Cautionary Tales

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Told by don Pedro Miguel Say, Q'anjob'al Maya. Translated and edited by Fernando Peñalosa and Janet Sawyer


Once there was a gentleman jaguar and a lady skunk. Mrs. Skunk had a son, who was baptized by Mr. Jaguar, so Mrs. Skunk became his comadre. And as Mr. Jaguar had baptized the little skunk, he was Mrs. Skunk's compadre.

Mr. Jaguar decided to go looking for food and came to Mrs. Skunk's house."Well, compadre, what are you looking for? What have you come here for?" the skunk asked the jaguar.

"Comadre, what I have come to do is to look for some food," said Mr. Jaguar.

"Oh," said Mrs. Skunk.

"I want my godson to come with me so that he can learn to hunt," said Mr. Jaguar.

"I don't think your godson ought to go; he's still very small and something could happen to him. He better not go, compadre," said Mrs. Skunk.

But the little skunk protested:"No, mother, I had better go. What my godfather says is true. I need to get some practice, if I'm going to learn to hunt," said the little skunk.

"But if you go, you'll be so far away," said Mrs. Skunk.

"I'm going, I'm going. Come on, let's go." So they set off on a long walk.

"We're going to where there's a river. That's where we're going," Mr. Jaguar explained to the little skunk, his godson.

"When are we going to get there?" asked the little skunk.

"We're getting close. Follow me so you won't get lost," said Mr. Jaguar.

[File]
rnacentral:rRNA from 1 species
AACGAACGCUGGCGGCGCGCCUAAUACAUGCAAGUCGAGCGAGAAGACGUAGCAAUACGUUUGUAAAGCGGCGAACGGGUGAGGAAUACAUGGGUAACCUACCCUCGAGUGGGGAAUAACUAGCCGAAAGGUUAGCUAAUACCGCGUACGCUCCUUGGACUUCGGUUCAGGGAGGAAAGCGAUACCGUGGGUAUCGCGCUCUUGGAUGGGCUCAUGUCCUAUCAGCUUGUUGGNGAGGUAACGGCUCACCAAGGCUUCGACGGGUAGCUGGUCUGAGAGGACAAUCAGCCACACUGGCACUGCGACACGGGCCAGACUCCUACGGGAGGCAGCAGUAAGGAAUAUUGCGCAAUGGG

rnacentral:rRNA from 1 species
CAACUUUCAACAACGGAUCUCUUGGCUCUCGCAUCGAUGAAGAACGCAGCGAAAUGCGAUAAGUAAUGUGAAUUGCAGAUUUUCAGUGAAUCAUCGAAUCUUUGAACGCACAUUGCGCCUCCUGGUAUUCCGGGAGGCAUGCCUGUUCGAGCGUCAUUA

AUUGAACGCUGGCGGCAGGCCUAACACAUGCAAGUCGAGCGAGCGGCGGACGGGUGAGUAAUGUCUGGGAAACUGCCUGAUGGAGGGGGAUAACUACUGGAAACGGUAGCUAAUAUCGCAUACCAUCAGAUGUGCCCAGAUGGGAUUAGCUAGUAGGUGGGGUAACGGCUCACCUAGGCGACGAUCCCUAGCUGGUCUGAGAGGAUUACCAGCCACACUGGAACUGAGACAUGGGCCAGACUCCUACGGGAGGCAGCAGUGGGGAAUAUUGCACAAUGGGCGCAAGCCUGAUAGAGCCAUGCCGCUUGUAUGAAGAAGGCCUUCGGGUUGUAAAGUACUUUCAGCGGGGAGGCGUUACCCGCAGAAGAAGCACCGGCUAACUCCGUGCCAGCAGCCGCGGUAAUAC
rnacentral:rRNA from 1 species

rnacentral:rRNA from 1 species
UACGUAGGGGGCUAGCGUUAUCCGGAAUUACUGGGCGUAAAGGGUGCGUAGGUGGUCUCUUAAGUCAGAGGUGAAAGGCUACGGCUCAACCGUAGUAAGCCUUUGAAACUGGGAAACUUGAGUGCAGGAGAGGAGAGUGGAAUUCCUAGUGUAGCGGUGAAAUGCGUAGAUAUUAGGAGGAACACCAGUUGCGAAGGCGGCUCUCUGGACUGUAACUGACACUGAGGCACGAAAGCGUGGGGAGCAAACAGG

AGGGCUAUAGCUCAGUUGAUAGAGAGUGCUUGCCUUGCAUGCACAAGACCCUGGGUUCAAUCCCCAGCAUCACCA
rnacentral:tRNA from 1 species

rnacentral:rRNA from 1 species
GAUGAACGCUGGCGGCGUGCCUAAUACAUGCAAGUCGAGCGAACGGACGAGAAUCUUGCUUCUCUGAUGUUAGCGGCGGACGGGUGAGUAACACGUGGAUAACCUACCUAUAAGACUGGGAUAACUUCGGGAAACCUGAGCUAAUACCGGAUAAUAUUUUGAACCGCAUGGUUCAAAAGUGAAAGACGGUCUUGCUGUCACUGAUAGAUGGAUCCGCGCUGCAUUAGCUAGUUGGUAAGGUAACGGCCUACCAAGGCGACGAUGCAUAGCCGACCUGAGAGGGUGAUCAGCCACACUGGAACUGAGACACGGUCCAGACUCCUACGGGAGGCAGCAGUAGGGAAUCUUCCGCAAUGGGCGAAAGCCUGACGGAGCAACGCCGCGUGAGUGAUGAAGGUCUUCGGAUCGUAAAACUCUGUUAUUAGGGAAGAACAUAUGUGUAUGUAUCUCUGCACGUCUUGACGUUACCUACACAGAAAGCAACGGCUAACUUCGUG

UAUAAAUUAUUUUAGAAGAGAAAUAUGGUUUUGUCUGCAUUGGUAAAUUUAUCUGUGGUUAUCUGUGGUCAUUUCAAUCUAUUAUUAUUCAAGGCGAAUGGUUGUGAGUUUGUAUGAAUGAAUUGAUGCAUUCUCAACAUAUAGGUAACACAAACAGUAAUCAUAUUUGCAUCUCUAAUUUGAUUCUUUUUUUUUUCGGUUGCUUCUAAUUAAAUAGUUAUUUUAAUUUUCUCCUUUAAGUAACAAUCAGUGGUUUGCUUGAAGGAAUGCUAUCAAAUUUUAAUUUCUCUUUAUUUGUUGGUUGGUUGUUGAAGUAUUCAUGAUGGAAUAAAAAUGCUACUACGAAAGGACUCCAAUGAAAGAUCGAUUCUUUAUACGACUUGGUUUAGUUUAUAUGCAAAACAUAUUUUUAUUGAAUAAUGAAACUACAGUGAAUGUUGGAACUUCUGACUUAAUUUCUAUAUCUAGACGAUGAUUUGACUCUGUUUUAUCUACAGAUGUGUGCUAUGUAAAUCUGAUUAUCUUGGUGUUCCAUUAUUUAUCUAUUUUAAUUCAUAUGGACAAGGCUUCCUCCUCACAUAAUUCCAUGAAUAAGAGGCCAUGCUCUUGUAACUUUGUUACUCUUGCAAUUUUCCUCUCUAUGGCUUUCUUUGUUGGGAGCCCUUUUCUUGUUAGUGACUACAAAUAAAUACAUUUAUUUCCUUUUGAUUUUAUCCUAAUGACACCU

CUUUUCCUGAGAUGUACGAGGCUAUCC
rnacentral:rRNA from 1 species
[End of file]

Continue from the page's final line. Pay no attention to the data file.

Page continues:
"All right," answered the little skunk. They finally came to the river. "This is where we're going to eat," said Mr. Jaguar to the little skunk.

"All right," said the little skunk.

"Come on over here. I'm going to sharpen my knife," said Mr. Jaguar.

"All right," said the little skunk, looking at his godfather. Mr. Jaguar sharpened his claws, which he called his "knife."

"I sharpened my knife. Now you're going to be on guard, because I am going to sleep. When you see them come, wake me up," said Mr. Jaguar.

"All right," said the little skunk, "all right, godfather."

Then Mr. Jaguar told him: "Don't shout. Just scratch my belly when they come. Scratch my belly, so I won't alarm them. But don't wake me up if just any little old animals without antlers come along, only when the one with big antlers gets here. That's when you'll wake me up."

"All right," said the little skunk. Then the one with the big antlers came, and the skunk awakened Mr. Jaguar. He scratched his belly, and pointed out the deer to Mr. Jaguar, who attacked the animal with big antlers. He went after him and seized him.

"All right, my godson, let's eat. We're going to eat meat," said the jaguar. "All right," said the little skunk. And so they ate and ate.